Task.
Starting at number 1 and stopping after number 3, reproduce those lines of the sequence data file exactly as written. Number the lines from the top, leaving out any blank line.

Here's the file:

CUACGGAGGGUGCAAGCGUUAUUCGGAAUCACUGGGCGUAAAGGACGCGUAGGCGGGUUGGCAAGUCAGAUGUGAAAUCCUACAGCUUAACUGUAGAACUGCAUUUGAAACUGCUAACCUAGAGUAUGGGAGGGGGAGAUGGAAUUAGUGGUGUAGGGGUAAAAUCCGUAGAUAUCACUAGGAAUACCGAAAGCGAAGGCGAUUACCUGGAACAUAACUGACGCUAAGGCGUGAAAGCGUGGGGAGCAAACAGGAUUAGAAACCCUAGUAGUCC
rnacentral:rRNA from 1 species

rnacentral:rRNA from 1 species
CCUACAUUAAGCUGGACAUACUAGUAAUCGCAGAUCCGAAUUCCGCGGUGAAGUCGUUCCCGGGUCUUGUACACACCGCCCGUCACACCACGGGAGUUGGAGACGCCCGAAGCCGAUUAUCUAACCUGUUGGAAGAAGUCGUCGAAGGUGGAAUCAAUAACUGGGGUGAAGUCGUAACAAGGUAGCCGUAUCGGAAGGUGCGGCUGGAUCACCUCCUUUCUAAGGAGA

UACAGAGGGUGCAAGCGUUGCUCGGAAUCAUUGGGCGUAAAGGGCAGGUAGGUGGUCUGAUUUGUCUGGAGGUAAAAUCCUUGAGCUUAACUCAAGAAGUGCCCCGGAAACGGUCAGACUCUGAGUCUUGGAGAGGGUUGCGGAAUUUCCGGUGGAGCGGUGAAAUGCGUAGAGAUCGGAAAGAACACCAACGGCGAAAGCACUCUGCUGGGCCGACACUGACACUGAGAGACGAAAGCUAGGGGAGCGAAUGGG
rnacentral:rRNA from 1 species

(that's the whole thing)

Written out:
CUACGGAGGGUGCAAGCGUUAUUCGGAAUCACUGGGCGUAAAGGACGCGUAGGCGGGUUGGCAAGUCAGAUGUGAAAUCCUACAGCUUAACUGUAGAACUGCAUUUGAAACUGCUAACCUAGAGUAUGGGAGGGGGAGAUGGAAUUAGUGGUGUAGGGGUAAAAUCCGUAGAUAUCACUAGGAAUACCGAAAGCGAAGGCGAUUACCUGGAACAUAACUGACGCUAAGGCGUGAAAGCGUGGGGAGCAAACAGGAUUAGAAACCCUAGUAGUCC
rnacentral:rRNA from 1 species

rnacentral:rRNA from 1 species